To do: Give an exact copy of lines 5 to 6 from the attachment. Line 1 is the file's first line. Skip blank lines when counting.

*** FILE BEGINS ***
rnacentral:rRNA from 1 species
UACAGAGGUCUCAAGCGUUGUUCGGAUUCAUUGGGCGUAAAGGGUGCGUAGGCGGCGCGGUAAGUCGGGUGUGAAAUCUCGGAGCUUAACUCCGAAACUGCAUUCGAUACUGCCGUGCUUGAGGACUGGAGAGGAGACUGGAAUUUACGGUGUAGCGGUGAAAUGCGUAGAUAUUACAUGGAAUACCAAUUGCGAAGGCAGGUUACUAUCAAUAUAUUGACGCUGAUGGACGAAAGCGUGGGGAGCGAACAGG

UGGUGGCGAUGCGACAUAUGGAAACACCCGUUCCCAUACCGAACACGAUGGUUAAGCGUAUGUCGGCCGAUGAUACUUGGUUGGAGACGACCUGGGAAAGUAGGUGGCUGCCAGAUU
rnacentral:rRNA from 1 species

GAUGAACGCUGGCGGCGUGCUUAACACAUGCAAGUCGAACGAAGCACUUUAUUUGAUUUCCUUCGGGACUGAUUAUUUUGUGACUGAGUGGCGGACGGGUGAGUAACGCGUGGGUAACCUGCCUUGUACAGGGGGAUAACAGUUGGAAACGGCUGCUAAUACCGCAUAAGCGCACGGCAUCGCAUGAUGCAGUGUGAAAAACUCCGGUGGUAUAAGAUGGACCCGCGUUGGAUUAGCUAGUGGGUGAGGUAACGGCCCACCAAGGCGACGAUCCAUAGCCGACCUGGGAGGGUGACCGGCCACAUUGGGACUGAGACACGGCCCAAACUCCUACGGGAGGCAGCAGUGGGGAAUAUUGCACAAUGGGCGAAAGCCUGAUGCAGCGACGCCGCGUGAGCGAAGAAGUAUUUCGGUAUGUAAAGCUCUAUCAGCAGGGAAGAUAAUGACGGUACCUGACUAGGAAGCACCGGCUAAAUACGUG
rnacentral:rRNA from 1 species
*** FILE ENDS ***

GAUGAACGCUGGCGGCGUGCUUAACACAUGCAAGUCGAACGAAGCACUUUAUUUGAUUUCCUUCGGGACUGAUUAUUUUGUGACUGAGUGGCGGACGGGUGAGUAACGCGUGGGUAACCUGCCUUGUACAGGGGGAUAACAGUUGGAAACGGCUGCUAAUACCGCAUAAGCGCACGGCAUCGCAUGAUGCAGUGUGAAAAACUCCGGUGGUAUAAGAUGGACCCGCGUUGGAUUAGCUAGUGGGUGAGGUAACGGCCCACCAAGGCGACGAUCCAUAGCCGACCUGGGAGGGUGACCGGCCACAUUGGGACUGAGACACGGCCCAAACUCCUACGGGAGGCAGCAGUGGGGAAUAUUGCACAAUGGGCGAAAGCCUGAUGCAGCGACGCCGCGUGAGCGAAGAAGUAUUUCGGUAUGUAAAGCUCUAUCAGCAGGGAAGAUAAUGACGGUACCUGACUAGGAAGCACCGGCUAAAUACGUG
rnacentral:rRNA from 1 species